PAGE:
I went to see our old spring. It was run- fling yet. Uncle had plenty of fruit. I looked for the apple trees that I used to know and they had almost entirely disappeared. I saw where they had raised good corn and potatoes on uncle's place. Oats, that season, had been a very poor crop. Wheat, uncle said they couldn't raise, but they could raise good crops of rye. I passed by another school house where I had attended school. The same building where I got one pretty warm whipping for failing to get a lesson. The school buildings which I saw there both looked old and dilapidated. I thought they looked poor in comparison to our common school houses in Michigan. I had a good many cousins, who lived there, scattered around. I went to see as many of them as I could. I had one cousin, who lived off about four or five miles. I wished very much to see her for I remembered her quite well we were young together. Uncle's folks said she was married and lived on a ridge that they named. Cousin Allen said he would go with me to see her, so we started. Before we got there we had about a mile to go up hill. Cousin got along very well and didn't seem to mind it, but it was up hill business for me to climb that ridge. I wondered how teams could get up and down safely; they must have understood ascending and descending better than our Michigan teams or, it seemed to me, they would have got into trouble. We finally got on to the top of what they called a ridge. I found some pretty nice table land up there, for that country, and two or three farms. After we reached the highest part of the ridge we stopped and I looked off at the scenery, it appeared wild and strange. I could look north and see miles beyond where uncle lived and see hills and ridges. I could look in every direction and the same strange sights met my view. I think my cousin told me, that to the southwest of us, we could see some of the mountains near the North river. While I looked at the rugged face of the country, it didn't seem hardly possible that that could be so old a country, and Michigan so new.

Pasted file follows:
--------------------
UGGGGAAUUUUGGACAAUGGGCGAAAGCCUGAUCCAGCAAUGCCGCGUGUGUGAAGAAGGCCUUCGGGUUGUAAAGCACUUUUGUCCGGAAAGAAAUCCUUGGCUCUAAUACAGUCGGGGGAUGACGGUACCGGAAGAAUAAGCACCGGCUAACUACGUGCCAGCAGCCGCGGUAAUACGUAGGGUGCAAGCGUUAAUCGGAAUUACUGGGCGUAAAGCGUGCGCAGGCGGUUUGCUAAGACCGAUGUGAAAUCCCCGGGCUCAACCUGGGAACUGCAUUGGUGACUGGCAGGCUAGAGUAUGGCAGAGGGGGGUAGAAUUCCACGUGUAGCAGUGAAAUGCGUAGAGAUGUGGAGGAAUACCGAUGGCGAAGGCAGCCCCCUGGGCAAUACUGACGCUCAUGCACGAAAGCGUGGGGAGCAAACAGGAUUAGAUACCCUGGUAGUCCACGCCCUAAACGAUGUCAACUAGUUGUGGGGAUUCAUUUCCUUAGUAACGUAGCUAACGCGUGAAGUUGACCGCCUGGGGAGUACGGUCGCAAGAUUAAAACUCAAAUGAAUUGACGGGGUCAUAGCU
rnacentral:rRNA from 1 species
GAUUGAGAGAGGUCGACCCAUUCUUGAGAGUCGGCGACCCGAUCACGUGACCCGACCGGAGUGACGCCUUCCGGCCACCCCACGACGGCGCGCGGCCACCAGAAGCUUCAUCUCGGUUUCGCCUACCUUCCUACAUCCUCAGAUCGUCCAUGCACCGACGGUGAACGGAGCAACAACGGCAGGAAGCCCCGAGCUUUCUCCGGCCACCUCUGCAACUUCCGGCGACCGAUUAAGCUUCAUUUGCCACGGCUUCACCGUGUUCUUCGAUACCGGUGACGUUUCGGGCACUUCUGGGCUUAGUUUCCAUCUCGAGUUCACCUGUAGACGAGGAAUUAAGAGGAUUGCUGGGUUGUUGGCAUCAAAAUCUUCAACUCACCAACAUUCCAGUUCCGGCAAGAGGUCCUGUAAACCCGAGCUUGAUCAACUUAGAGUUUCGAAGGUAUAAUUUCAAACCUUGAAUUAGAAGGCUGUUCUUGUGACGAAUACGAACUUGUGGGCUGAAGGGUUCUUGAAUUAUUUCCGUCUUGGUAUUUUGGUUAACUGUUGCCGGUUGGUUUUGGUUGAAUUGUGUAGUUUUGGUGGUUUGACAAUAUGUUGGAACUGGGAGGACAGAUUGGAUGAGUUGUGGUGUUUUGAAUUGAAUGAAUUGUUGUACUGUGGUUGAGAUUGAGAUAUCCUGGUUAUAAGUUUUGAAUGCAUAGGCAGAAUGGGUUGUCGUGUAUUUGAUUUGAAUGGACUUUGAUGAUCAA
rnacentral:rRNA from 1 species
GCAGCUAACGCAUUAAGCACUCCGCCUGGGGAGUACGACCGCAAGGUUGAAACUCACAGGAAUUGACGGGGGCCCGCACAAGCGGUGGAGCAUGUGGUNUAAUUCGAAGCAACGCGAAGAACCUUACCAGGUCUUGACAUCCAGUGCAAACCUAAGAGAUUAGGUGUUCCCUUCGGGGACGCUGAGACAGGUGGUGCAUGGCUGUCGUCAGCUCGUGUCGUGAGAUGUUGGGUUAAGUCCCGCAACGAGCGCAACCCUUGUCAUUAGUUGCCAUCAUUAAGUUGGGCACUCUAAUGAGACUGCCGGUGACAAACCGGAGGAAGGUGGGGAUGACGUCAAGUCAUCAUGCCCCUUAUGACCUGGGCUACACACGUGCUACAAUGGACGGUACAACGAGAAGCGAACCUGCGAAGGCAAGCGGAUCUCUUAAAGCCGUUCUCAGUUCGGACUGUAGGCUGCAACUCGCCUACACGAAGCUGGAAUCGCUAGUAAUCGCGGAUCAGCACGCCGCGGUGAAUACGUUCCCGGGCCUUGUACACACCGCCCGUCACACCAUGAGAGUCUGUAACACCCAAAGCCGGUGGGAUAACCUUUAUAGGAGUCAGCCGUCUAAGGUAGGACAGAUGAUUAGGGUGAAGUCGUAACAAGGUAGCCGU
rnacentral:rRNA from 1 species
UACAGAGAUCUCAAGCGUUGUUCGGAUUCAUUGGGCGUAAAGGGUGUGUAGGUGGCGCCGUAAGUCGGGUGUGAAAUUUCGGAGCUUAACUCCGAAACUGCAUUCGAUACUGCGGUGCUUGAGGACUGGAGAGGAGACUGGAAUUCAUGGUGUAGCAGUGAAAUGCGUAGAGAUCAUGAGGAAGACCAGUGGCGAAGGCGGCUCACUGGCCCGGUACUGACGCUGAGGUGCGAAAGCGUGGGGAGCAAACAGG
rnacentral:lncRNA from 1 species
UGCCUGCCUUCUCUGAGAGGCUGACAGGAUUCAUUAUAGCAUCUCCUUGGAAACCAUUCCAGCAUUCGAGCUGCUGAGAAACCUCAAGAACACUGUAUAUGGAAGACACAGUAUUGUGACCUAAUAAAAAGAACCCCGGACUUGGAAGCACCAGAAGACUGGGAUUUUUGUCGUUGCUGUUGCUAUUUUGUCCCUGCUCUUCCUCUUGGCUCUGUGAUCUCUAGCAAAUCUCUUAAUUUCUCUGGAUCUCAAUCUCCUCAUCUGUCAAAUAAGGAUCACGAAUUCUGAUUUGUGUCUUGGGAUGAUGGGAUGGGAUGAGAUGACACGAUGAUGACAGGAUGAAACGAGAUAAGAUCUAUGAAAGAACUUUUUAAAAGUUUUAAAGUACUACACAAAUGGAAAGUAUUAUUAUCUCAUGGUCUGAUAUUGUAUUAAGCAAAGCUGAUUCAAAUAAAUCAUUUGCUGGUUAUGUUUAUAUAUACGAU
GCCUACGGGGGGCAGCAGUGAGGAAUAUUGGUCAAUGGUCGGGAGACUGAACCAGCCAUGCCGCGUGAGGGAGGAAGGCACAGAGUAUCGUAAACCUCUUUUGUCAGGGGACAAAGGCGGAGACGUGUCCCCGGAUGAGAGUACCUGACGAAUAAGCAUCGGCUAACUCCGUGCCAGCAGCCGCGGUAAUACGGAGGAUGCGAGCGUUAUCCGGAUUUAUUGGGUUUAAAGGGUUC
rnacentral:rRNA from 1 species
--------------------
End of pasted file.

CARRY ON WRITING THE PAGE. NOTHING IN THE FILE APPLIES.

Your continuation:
West of us we could look down into a hollow or valley. The flat appeared to be about eighty rods wide, on the bottom between the ridges. West of the hollow there arose another great ridge, like unto the one on which we stood. Along this hollow there was a creek and a road running lengthwise with the hollow. I saw a man, with a lumber wagon and horses, driving along the road; from where I stood, and looked at them, they didn't appear larger than Tom Thumb and his Shetland ponies.

We finally got to my cousin's, I found that she had changed from a little girl to an elderly woman. She was very glad to see me and wanted me to stay longer than I felt inclined to, for I wanted to be back to the old home again, viewing the scenes of my childhood as, to me, there was a sort of fascination about them.

Up there I noticed a small lake, near the top of the ridge. I thought it a strange place for a lake. I asked cousin if there were fish in it, he said there were, that they caught them there sometimes. I asked if the lake was deep; he said in some parts of it they could not find bottom. I looked over it away down into the hollow beyond, and thought there might be room enough below for it to be bottomless; it might head in China for all I knew. As I gazed I thought, can it be possible that this country appears so much rougher, to me, than it used to, and yet be the same? As I stood and peered away from one mountain and hill to another, at the gray and sunburnt rocks, jagged ledges, precipices and the second growth of scrubby timber, that dotted here and there and grew on the sides of hills, where it was too stony and steep for cultivation, it astonished me.

My friends appeared well pleased with their native hills and vales and I have no doubt they thought, as they expressed it to me, that they lived near the best market and that New York was ahead. But the place how changed to me! If I could have seen some wigwams and their half nude inhabitants, on the hill sides, in the room of the houses of white men, and have witnessed the waving of the feathery plume of the red man, above his long black hair, I should have thought, from the view and the face of the land, that that old country was very new and wild and that Michigan, where I lived at least, was the old country after all.